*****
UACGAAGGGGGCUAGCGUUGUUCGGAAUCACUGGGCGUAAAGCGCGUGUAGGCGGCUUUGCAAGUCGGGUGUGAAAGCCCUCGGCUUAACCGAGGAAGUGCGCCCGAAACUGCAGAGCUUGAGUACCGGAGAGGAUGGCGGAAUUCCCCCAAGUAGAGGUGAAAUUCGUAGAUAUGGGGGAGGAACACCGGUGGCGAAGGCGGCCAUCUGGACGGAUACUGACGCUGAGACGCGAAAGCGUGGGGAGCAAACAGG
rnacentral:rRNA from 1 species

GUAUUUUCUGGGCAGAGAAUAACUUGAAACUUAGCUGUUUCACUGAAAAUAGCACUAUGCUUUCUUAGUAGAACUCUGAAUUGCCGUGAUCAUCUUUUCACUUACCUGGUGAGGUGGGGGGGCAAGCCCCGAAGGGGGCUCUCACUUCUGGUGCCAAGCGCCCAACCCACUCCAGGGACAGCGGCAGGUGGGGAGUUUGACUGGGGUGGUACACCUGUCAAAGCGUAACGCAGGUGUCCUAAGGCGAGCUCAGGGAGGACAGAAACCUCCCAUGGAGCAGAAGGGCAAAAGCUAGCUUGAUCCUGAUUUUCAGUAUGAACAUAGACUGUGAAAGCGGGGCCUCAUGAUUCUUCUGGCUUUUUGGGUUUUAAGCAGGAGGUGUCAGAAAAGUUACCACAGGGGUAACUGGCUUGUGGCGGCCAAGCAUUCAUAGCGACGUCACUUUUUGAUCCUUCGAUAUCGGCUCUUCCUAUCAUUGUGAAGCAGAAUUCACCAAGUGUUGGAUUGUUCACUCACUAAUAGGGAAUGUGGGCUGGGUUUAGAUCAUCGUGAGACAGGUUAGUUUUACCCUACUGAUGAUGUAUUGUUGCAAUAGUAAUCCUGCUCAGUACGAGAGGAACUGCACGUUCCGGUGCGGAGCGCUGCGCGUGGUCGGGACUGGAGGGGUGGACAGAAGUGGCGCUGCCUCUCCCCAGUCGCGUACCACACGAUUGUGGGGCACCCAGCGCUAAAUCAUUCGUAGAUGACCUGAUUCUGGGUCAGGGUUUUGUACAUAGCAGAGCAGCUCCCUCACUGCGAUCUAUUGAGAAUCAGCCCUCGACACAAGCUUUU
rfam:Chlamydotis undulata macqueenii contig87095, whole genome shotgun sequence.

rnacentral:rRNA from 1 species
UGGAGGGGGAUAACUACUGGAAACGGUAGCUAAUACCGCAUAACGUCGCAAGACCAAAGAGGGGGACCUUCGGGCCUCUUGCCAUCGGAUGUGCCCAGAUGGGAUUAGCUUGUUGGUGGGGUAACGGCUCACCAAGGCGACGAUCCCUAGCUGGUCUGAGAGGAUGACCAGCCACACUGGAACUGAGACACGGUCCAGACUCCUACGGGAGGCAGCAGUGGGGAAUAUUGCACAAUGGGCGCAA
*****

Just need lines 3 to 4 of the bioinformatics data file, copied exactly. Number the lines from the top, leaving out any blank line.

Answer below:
GUAUUUUCUGGGCAGAGAAUAACUUGAAACUUAGCUGUUUCACUGAAAAUAGCACUAUGCUUUCUUAGUAGAACUCUGAAUUGCCGUGAUCAUCUUUUCACUUACCUGGUGAGGUGGGGGGGCAAGCCCCGAAGGGGGCUCUCACUUCUGGUGCCAAGCGCCCAACCCACUCCAGGGACAGCGGCAGGUGGGGAGUUUGACUGGGGUGGUACACCUGUCAAAGCGUAACGCAGGUGUCCUAAGGCGAGCUCAGGGAGGACAGAAACCUCCCAUGGAGCAGAAGGGCAAAAGCUAGCUUGAUCCUGAUUUUCAGUAUGAACAUAGACUGUGAAAGCGGGGCCUCAUGAUUCUUCUGGCUUUUUGGGUUUUAAGCAGGAGGUGUCAGAAAAGUUACCACAGGGGUAACUGGCUUGUGGCGGCCAAGCAUUCAUAGCGACGUCACUUUUUGAUCCUUCGAUAUCGGCUCUUCCUAUCAUUGUGAAGCAGAAUUCACCAAGUGUUGGAUUGUUCACUCACUAAUAGGGAAUGUGGGCUGGGUUUAGAUCAUCGUGAGACAGGUUAGUUUUACCCUACUGAUGAUGUAUUGUUGCAAUAGUAAUCCUGCUCAGUACGAGAGGAACUGCACGUUCCGGUGCGGAGCGCUGCGCGUGGUCGGGACUGGAGGGGUGGACAGAAGUGGCGCUGCCUCUCCCCAGUCGCGUACCACACGAUUGUGGGGCACCCAGCGCUAAAUCAUUCGUAGAUGACCUGAUUCUGGGUCAGGGUUUUGUACAUAGCAGAGCAGCUCCCUCACUGCGAUCUAUUGAGAAUCAGCCCUCGACACAAGCUUUU
rfam:Chlamydotis undulata macqueenii contig87095, whole genome shotgun sequence.